Canine distemper virus is a highly contagious disease and is often fatal. The virus attacks the respiratory and gastrointestinal system. Symptoms include discharge from the eyes and nose, fever, coughing, lethargy, reduced appetite, vomiting, and diarrhea. As the disease progresses the puppy can start having neurological signs including walking in circles, head tilt, lack of coordination, muscle twitches, jaw movement, drooling, seizures and/or partial or complete paralysis. If the puppy is infected prior to its permanent teeth emerging their permanent teeth may be damaged. Half of the dogs that develop distemper will die from the infection and the dogs that do survive may have permanent nervous system damage. Distemper is spread through sneezing, coughing, or barking of an infected animal, can be transmitted through shared food, water bowls and from wild animals.

Canine Adenovirus

Canine adenovirus symptoms include dry hacking cough, retching, gagging, coughing up white foamy discharge, fever, lethargy, anorexia, nasal discharge, and eye discharge. This virus is normally self-liming but can lead to pneumonia. There can also be vomiting, diarrhea, and possible jaundice which if it gets to this phase can be fatal.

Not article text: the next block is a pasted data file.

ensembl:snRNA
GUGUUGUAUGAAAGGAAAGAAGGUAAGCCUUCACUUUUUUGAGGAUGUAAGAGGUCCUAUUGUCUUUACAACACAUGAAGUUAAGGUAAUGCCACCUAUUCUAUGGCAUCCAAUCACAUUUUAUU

Canine Parvovirus 

Canine parvovirus is transmitted from the virus being deposited on a surface from the feces of an infected dog. The virus can survive outside for months and even through the winter and is resistant to most household cleaning products. After it rains it can spread the virus further. Once infected the virus attacks the bone marrow and the cells lining the small intestines and destroys young immune cells. When the lining of the small intestines gets destroyed the bacteria from the intestines enter the bloodstream. When the intestines are weakened nutrients are not absorbed and the pet becomes ill with severe vomiting and diarrhea. If left untreated puppies can die from dehydration and sepsis. The first symptoms of parvo include lethargy, depression, and loss of appetite. If your puppy develops any of these symptoms, talk to your veterinarian right away to have them tested for parvo. The test works like a pregnancy test with a fecal sample and takes about 15 minutes to get the results. Early detection accounts for the best outcome for a puppy that has parvo. After the initial symptoms they develop vomiting, diarrhea often with blood, abdominal pain, fever, or low body temperature.